March 16, 2008


The Wit & Wisdom of Barack Obama: Some of it may sound familiar (Andrew Ferguson, 03/24/2008, Weekly Standard)

There's still room for whimsy at the New Yorker magazine, I don't care what you've heard. Just the other day two of the New Yorker's bloggers (now there's a phrase to send Harold Ross spinning) were chewing over the widely noted eloquence of Barack Obama. They were struck by "Obama's wonderful line," as one of them described it, to the effect that "We are the ones we've been waiting for." Obama uses it as one of his signature refrains. Some of his followers even turned it into a music video.

So one thing led to another, as it does on blogs, and before long the bloggers began wondering, as they do at the New Yorker, what the phrase would sound like in French.

"You couldn't say it in French," blogged one of the bloggers.

"Are you sure about the French?" the other blogger blogged back. "Mine isn't good enough to know if 'C'est nous qui nous avons attendu' or 'Ceux qui nous attendons, c'est nous' would sound French to a French ear, or if it just would sound stupid." Oui, blogged the first blogger. It would sound très stupid. "My ear/memory tells me that it would be too weird to say, since I think there's a we/us thing that doesn't work."

Eventually a French journalist was consulted. He ruled summarily that, translated into French, "the Barack Obama sentence [le sentence de la Barack Obama] sounds weird to me."

So there you have it: You can't really say "We are the ones we've
been waiting for" in French. The matter was closed. The bloggers moved on. Good times indeed.

But wait. There was something tantalizingly incomplete about this brief discussion of whether the sentence sounds weird in French: What was missing was an acknowledgement of how weird the sentence sounds in English. What, after all, does "We are the ones we've been waiting for" mean, precisely? My hunch is that the sentence is one of those things that no one will admit to being confused by, like the movies of Godard or the tenor-sax solos of John Coltrane, lest your peers think you're a loser or a moron. Certainly Obama fans won't admit how obscure the sentence is--though several have claimed that it's lifted from a prophecy of the Tribal Elders of the Hopi Indians. Hopi prophecies are famously obscure.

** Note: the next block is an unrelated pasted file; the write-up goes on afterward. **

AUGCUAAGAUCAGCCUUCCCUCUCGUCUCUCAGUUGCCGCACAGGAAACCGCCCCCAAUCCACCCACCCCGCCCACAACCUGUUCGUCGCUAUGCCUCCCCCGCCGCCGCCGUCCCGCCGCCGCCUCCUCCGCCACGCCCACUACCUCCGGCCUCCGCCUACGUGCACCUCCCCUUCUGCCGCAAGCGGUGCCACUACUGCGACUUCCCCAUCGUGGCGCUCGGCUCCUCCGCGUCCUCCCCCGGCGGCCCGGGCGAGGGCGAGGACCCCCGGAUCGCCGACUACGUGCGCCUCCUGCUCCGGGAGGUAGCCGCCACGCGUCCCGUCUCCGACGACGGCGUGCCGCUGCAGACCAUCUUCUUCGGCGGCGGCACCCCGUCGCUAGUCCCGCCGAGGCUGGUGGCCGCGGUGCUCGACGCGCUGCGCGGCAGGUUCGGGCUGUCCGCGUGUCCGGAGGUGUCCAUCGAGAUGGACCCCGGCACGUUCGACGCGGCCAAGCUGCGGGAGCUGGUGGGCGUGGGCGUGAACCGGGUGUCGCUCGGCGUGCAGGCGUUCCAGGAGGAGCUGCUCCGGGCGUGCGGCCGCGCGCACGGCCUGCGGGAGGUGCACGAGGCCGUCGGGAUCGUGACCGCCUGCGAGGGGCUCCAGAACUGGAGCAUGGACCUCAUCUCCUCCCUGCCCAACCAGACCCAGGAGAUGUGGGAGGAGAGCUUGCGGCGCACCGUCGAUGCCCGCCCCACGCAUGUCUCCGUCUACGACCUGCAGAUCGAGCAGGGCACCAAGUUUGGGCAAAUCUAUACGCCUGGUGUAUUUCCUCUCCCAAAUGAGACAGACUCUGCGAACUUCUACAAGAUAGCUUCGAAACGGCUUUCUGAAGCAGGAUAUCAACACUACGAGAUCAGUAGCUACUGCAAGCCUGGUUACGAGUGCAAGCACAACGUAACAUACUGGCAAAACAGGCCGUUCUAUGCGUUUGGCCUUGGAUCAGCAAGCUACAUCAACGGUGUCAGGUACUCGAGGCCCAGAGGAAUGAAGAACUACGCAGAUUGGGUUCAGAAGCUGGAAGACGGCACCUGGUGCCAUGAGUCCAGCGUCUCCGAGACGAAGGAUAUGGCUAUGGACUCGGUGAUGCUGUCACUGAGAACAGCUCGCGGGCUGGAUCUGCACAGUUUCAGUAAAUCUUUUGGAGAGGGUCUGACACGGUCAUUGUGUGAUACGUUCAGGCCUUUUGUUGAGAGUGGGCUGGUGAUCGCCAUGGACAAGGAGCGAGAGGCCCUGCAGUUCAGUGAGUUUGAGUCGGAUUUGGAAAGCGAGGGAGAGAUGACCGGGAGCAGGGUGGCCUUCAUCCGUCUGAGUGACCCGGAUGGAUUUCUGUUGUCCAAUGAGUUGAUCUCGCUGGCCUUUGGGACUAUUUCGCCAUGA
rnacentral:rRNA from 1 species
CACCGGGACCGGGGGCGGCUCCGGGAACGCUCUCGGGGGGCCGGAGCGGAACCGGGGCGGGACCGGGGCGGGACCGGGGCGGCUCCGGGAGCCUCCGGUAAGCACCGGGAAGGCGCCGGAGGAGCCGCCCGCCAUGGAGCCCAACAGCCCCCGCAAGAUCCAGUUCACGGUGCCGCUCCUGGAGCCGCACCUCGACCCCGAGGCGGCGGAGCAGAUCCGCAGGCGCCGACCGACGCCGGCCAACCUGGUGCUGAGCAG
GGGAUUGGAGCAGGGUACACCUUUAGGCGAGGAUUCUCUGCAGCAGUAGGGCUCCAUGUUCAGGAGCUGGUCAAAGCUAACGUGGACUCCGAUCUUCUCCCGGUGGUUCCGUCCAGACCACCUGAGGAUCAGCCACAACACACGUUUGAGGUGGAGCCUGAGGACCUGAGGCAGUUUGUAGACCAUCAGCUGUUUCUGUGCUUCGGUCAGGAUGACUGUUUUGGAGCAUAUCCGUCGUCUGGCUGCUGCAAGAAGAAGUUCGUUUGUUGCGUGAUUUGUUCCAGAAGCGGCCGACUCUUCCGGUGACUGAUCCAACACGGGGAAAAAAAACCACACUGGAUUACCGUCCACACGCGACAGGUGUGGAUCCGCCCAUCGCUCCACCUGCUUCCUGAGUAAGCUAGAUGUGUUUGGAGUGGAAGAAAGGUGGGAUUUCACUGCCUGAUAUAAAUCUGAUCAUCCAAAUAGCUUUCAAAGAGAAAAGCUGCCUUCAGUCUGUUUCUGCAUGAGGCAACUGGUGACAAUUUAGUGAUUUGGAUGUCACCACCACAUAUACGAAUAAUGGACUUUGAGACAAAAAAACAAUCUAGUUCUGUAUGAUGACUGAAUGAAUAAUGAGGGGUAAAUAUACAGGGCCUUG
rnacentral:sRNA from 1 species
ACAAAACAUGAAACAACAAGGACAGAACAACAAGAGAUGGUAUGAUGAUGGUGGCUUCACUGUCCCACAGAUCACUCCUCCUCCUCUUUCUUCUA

But this is just wishful thinking. The origins of the phrase aren't nearly so glamorous or exotic. Two years ago, before Obama even said he wanted to be president, the left-wing-radical-feminist-lesbian novelist Alice Walker published a book of essays and called it We are the Ones We've Been Waiting For. Believe me: If the line had come from the Tribal Elders of the Hopi nation, Alice Walker would have been more than happy to say so. Instead she said it came from a poem published in 1980 by the left-wing-radical-feminist-bisexual poet June Jordan.

The Audacity of Hopi?

Posted by Orrin Judd at March 16, 2008 6:08 PM

To me it sounds like a riff off Pogo's "We have met the enemy and he is us."

But then, everything that anyone says, has been said before, by different people, using different words, while trying to convey a different idea.

So when Hillary saids, "Elect Me" what she actually means is "Ein Volk, Ein Reich, Ein Fuhrer" and when Obama says "We are the future" what he actually means is "Ein Volk, Ein Reich, Ein Fuher." But you're going to like him for saying it.

But then, I'm one of those people that fails to see the difference between one type of government where all control is centralized with government bureaucrats and another.

Posted by: John Dunshee at March 17, 2008 11:19 AM

This is probably just me, but whenever I hear "We are the ones we've been waiting for," I think of the episode of The X-Files where the two guys who've been taken over by an alien something-or-other say "We're not who we are! We're not who we are!"

Posted by: Bob Hawkins at March 17, 2008 11:26 AM

Good grief. We all know what it means: I am the one that you have been waiting for.

Posted by: b at March 17, 2008 12:08 PM